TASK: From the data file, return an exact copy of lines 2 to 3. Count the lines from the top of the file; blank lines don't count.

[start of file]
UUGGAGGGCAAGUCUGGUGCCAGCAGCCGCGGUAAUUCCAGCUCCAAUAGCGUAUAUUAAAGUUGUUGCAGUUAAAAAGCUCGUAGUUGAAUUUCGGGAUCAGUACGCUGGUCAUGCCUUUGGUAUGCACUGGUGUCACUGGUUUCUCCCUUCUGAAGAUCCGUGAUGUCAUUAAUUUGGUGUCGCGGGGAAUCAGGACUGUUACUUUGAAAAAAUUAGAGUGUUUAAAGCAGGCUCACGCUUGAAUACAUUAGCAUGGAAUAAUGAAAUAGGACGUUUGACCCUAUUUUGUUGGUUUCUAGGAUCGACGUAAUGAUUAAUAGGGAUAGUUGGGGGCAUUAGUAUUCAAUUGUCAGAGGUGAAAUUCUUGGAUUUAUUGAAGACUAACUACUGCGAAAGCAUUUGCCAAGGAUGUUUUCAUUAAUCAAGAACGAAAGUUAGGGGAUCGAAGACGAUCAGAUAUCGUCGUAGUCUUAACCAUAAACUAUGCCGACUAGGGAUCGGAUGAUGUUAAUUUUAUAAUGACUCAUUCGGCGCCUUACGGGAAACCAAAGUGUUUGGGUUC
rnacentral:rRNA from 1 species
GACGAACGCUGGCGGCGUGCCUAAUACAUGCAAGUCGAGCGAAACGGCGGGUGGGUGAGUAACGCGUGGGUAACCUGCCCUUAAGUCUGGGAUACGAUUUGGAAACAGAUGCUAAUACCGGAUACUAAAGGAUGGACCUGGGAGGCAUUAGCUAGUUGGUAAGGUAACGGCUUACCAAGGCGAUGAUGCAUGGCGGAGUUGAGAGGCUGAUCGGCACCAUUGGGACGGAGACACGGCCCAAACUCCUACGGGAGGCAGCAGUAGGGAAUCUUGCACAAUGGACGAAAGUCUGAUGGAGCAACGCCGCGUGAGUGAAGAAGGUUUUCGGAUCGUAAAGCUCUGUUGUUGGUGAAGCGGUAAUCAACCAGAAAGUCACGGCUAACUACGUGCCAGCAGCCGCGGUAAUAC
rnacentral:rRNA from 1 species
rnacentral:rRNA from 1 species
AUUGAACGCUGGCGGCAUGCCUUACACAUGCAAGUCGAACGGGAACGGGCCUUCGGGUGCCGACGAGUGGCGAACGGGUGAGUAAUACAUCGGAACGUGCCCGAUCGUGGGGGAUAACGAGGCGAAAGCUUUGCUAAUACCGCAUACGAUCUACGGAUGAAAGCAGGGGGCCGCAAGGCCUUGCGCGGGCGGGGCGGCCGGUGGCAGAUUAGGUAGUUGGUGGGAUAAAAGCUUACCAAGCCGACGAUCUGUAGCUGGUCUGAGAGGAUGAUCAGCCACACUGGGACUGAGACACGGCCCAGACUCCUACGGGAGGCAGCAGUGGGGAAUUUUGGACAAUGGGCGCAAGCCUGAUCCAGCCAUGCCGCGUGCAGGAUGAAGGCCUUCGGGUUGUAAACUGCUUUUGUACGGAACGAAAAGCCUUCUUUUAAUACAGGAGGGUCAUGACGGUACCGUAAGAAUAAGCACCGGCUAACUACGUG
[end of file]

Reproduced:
rnacentral:rRNA from 1 species
GACGAACGCUGGCGGCGUGCCUAAUACAUGCAAGUCGAGCGAAACGGCGGGUGGGUGAGUAACGCGUGGGUAACCUGCCCUUAAGUCUGGGAUACGAUUUGGAAACAGAUGCUAAUACCGGAUACUAAAGGAUGGACCUGGGAGGCAUUAGCUAGUUGGUAAGGUAACGGCUUACCAAGGCGAUGAUGCAUGGCGGAGUUGAGAGGCUGAUCGGCACCAUUGGGACGGAGACACGGCCCAAACUCCUACGGGAGGCAGCAGUAGGGAAUCUUGCACAAUGGACGAAAGUCUGAUGGAGCAACGCCGCGUGAGUGAAGAAGGUUUUCGGAUCGUAAAGCUCUGUUGUUGGUGAAGCGGUAAUCAACCAGAAAGUCACGGCUAACUACGUGCCAGCAGCCGCGGUAAUAC